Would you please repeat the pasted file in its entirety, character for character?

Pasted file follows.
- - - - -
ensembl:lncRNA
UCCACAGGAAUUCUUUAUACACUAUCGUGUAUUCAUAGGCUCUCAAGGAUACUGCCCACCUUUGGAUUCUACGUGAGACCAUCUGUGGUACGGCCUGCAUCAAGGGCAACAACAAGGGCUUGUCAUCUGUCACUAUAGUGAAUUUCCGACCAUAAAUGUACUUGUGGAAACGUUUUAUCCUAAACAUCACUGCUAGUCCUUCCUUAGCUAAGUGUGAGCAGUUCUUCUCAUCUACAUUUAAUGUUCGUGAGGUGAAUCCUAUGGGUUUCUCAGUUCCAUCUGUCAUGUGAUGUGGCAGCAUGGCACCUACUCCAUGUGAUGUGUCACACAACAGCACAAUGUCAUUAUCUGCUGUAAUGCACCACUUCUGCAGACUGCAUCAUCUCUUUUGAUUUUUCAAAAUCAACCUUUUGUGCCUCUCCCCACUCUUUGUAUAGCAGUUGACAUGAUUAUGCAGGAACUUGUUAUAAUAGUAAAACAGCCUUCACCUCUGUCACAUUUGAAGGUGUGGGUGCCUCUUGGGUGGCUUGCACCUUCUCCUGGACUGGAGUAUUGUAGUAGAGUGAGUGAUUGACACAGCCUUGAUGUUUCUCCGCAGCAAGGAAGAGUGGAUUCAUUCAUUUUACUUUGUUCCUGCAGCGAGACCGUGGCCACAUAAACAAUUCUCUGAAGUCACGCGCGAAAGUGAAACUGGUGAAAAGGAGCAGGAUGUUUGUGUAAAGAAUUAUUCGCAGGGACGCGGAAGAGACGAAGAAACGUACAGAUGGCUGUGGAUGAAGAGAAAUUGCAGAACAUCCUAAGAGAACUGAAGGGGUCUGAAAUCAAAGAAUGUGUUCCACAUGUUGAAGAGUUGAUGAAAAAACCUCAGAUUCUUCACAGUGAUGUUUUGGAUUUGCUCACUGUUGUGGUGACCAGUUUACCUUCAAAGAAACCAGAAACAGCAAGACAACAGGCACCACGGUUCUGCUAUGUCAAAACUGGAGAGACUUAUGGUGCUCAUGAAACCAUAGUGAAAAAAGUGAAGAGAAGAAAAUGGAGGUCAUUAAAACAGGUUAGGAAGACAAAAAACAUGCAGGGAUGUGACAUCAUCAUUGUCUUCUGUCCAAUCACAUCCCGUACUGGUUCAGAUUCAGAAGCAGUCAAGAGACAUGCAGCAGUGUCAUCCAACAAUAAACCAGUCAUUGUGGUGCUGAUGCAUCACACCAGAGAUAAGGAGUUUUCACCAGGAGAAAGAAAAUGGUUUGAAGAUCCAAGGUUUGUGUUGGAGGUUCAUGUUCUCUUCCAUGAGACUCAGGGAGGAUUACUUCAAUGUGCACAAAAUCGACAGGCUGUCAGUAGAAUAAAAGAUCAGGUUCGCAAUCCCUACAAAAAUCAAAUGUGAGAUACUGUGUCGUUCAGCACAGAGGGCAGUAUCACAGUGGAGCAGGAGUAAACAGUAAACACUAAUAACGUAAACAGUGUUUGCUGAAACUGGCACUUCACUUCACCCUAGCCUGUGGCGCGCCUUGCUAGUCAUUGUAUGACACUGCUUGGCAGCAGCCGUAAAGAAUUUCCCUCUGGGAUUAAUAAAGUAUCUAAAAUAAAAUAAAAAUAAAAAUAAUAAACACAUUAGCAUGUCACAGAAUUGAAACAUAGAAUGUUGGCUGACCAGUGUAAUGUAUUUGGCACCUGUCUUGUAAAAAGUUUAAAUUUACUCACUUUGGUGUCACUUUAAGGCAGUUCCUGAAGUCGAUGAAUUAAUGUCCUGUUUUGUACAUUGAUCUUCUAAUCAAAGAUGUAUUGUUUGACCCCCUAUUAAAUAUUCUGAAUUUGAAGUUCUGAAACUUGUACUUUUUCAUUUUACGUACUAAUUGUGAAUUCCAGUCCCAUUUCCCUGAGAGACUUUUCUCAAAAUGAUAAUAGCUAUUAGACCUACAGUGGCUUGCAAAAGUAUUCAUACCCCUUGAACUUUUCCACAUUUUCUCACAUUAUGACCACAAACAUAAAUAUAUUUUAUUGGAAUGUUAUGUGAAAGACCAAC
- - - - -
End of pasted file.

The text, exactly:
ensembl:lncRNA
UCCACAGGAAUUCUUUAUACACUAUCGUGUAUUCAUAGGCUCUCAAGGAUACUGCCCACCUUUGGAUUCUACGUGAGACCAUCUGUGGUACGGCCUGCAUCAAGGGCAACAACAAGGGCUUGUCAUCUGUCACUAUAGUGAAUUUCCGACCAUAAAUGUACUUGUGGAAACGUUUUAUCCUAAACAUCACUGCUAGUCCUUCCUUAGCUAAGUGUGAGCAGUUCUUCUCAUCUACAUUUAAUGUUCGUGAGGUGAAUCCUAUGGGUUUCUCAGUUCCAUCUGUCAUGUGAUGUGGCAGCAUGGCACCUACUCCAUGUGAUGUGUCACACAACAGCACAAUGUCAUUAUCUGCUGUAAUGCACCACUUCUGCAGACUGCAUCAUCUCUUUUGAUUUUUCAAAAUCAACCUUUUGUGCCUCUCCCCACUCUUUGUAUAGCAGUUGACAUGAUUAUGCAGGAACUUGUUAUAAUAGUAAAACAGCCUUCACCUCUGUCACAUUUGAAGGUGUGGGUGCCUCUUGGGUGGCUUGCACCUUCUCCUGGACUGGAGUAUUGUAGUAGAGUGAGUGAUUGACACAGCCUUGAUGUUUCUCCGCAGCAAGGAAGAGUGGAUUCAUUCAUUUUACUUUGUUCCUGCAGCGAGACCGUGGCCACAUAAACAAUUCUCUGAAGUCACGCGCGAAAGUGAAACUGGUGAAAAGGAGCAGGAUGUUUGUGUAAAGAAUUAUUCGCAGGGACGCGGAAGAGACGAAGAAACGUACAGAUGGCUGUGGAUGAAGAGAAAUUGCAGAACAUCCUAAGAGAACUGAAGGGGUCUGAAAUCAAAGAAUGUGUUCCACAUGUUGAAGAGUUGAUGAAAAAACCUCAGAUUCUUCACAGUGAUGUUUUGGAUUUGCUCACUGUUGUGGUGACCAGUUUACCUUCAAAGAAACCAGAAACAGCAAGACAACAGGCACCACGGUUCUGCUAUGUCAAAACUGGAGAGACUUAUGGUGCUCAUGAAACCAUAGUGAAAAAAGUGAAGAGAAGAAAAUGGAGGUCAUUAAAACAGGUUAGGAAGACAAAAAACAUGCAGGGAUGUGACAUCAUCAUUGUCUUCUGUCCAAUCACAUCCCGUACUGGUUCAGAUUCAGAAGCAGUCAAGAGACAUGCAGCAGUGUCAUCCAACAAUAAACCAGUCAUUGUGGUGCUGAUGCAUCACACCAGAGAUAAGGAGUUUUCACCAGGAGAAAGAAAAUGGUUUGAAGAUCCAAGGUUUGUGUUGGAGGUUCAUGUUCUCUUCCAUGAGACUCAGGGAGGAUUACUUCAAUGUGCACAAAAUCGACAGGCUGUCAGUAGAAUAAAAGAUCAGGUUCGCAAUCCCUACAAAAAUCAAAUGUGAGAUACUGUGUCGUUCAGCACAGAGGGCAGUAUCACAGUGGAGCAGGAGUAAACAGUAAACACUAAUAACGUAAACAGUGUUUGCUGAAACUGGCACUUCACUUCACCCUAGCCUGUGGCGCGCCUUGCUAGUCAUUGUAUGACACUGCUUGGCAGCAGCCGUAAAGAAUUUCCCUCUGGGAUUAAUAAAGUAUCUAAAAUAAAAUAAAAAUAAAAAUAAUAAACACAUUAGCAUGUCACAGAAUUGAAACAUAGAAUGUUGGCUGACCAGUGUAAUGUAUUUGGCACCUGUCUUGUAAAAAGUUUAAAUUUACUCACUUUGGUGUCACUUUAAGGCAGUUCCUGAAGUCGAUGAAUUAAUGUCCUGUUUUGUACAUUGAUCUUCUAAUCAAAGAUGUAUUGUUUGACCCCCUAUUAAAUAUUCUGAAUUUGAAGUUCUGAAACUUGUACUUUUUCAUUUUACGUACUAAUUGUGAAUUCCAGUCCCAUUUCCCUGAGAGACUUUUCUCAAAAUGAUAAUAGCUAUUAGACCUACAGUGGCUUGCAAAAGUAUUCAUACCCCUUGAACUUUUCCACAUUUUCUCACAUUAUGACCACAAACAUAAAUAUAUUUUAUUGGAAUGUUAUGUGAAAGACCAAC